By Nicholas Sengoba
Embattled Libyan leader, the ‘powerful’ Col. Muammar Gaddafi, is probably hiding somewhere in a bunker, biting his nails. But things have not always been like this. The self-declared ‘King of Kings’ and a horde of other high-sounding but equally spurious titles is in a very precarious situation following the imposition of a no-fly zone over Libya and the concomitant military action led by NATO.
Naturally, Gaddafi’s predicament has divided opinion on the African continent; producing voices of sympathy or support from Uganda’s Museveni on the one hand and those of condemnation on the other from the likes of Rwanda’s Paul Kagame.
Whichever way one looks at it, the divergent views of African countries on the fight that has been taken to Gaddafi, all amounts to the same thing- a slavish acknowledgment that African claim to independence is a whimsical sham.
Most of what the African leader does is dictated by what the West wants and thinks. Then the African follows or pretends to cry foul. Africa is ruled and dictated to by the powerful West and all those who fail to recognise this are tempting the fate that has befallen Gaddafi.
All the Generals and Field Marshals with their special forces, guard brigades and their expensive modern equipment amount to nothing if the West does not bless them. Most of their plans to rule forever face the real threat of the displeasure or acceptance of the West.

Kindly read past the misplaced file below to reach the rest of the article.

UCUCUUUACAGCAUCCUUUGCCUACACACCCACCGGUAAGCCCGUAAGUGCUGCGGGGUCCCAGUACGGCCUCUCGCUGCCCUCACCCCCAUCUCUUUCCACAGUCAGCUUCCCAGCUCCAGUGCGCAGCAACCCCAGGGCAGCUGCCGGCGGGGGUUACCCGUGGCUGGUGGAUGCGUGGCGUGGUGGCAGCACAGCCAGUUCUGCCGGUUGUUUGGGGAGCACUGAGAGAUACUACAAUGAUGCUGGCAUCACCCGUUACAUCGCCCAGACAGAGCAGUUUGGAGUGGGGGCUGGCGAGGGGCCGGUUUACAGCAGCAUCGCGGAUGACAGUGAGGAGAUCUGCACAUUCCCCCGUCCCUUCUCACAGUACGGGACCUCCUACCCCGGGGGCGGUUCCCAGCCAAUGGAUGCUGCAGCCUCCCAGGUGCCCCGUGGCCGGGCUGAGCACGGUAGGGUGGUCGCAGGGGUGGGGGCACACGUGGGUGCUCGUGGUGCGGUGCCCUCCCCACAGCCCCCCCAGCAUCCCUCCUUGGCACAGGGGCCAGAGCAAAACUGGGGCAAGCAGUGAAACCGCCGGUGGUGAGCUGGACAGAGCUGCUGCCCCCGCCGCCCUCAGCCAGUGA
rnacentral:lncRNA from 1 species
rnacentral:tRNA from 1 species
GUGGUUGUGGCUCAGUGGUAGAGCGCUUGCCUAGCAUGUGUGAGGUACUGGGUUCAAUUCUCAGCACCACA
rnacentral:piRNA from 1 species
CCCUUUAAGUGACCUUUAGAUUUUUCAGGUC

Gaddafi has once again presented an opportunity to the West to rub this point in and strike fear in the hearts of African leaders. The sum total of the message being that; they are Generals in the African context, useful in crushing rioters and opposition leaders or raiding other pathetic African nations, if it is in the interest of the West.
So those who are crying for Gaddafi have a selfish interest in the matter. They remind us of the African saying that a sensible woman always throws away the stick that beats her co-wife. In their own calculation, if a clever opposition positions itself as a champion of Western interests, it is possible for the West to drop an African puppet President like a hot potato and shift its support to his contenders leading to regime change by enforcement!
Then those who are commending the West are doing the most sensible thing a slave who wants to live a comfortable life does with the slave driver. He nurses the ego of the tormentor and shows him all due respect as the boss who is always right and sensible. It buys him time and favours and keeps him in the good books of the master shielding him away from the lashes of the whip. It gives the master the impression that the slave is willing to betray his colleagues for the sake and for the interests of the master, however wrong the actions of the master might be.
The real meaning of this is that most of what we do in Africa for the sake of determining our destiny is meaningless if the West does not give it the nod. From elections to coups and revolutions, the invisible hand of the West is ever present. The West is the unseen guest at the table in the secret and powerful meetings most of our leaders hold in confidence to determine the fate of our countries.
Therein lies the answer for those who have always been intrigued by the question of how to get rid of leaders who have decided to perpetuate themselves in power. Understand that those who have overstayed their welcome are basically glorified stooges and puppet taking care of the interests of the West -however much they may conceal it. Those who have intentions of circumventing the long-standing leaders of Africa must accept to bear the interests of the West, the rest will fall in line.
The monitor, Uganda